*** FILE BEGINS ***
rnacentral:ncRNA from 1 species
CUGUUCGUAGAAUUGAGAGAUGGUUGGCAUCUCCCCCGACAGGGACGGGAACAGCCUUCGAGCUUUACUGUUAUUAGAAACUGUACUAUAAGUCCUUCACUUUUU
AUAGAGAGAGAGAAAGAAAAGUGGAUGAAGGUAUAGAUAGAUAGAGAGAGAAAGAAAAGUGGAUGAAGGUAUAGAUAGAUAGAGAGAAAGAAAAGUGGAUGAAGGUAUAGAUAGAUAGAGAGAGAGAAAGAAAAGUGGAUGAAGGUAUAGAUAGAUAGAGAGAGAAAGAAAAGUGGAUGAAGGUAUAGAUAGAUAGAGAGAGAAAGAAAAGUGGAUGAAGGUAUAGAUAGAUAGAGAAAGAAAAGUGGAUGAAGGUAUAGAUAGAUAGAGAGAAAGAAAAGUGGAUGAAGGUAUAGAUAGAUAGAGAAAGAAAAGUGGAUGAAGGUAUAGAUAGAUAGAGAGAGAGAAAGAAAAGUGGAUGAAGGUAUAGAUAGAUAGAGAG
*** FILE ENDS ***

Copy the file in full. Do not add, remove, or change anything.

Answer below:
rnacentral:ncRNA from 1 species
CUGUUCGUAGAAUUGAGAGAUGGUUGGCAUCUCCCCCGACAGGGACGGGAACAGCCUUCGAGCUUUACUGUUAUUAGAAACUGUACUAUAAGUCCUUCACUUUUU
AUAGAGAGAGAGAAAGAAAAGUGGAUGAAGGUAUAGAUAGAUAGAGAGAGAAAGAAAAGUGGAUGAAGGUAUAGAUAGAUAGAGAGAAAGAAAAGUGGAUGAAGGUAUAGAUAGAUAGAGAGAGAGAAAGAAAAGUGGAUGAAGGUAUAGAUAGAUAGAGAGAGAAAGAAAAGUGGAUGAAGGUAUAGAUAGAUAGAGAGAGAAAGAAAAGUGGAUGAAGGUAUAGAUAGAUAGAGAAAGAAAAGUGGAUGAAGGUAUAGAUAGAUAGAGAGAAAGAAAAGUGGAUGAAGGUAUAGAUAGAUAGAGAAAGAAAAGUGGAUGAAGGUAUAGAUAGAUAGAGAGAGAGAAAGAAAAGUGGAUGAAGGUAUAGAUAGAUAGAGAG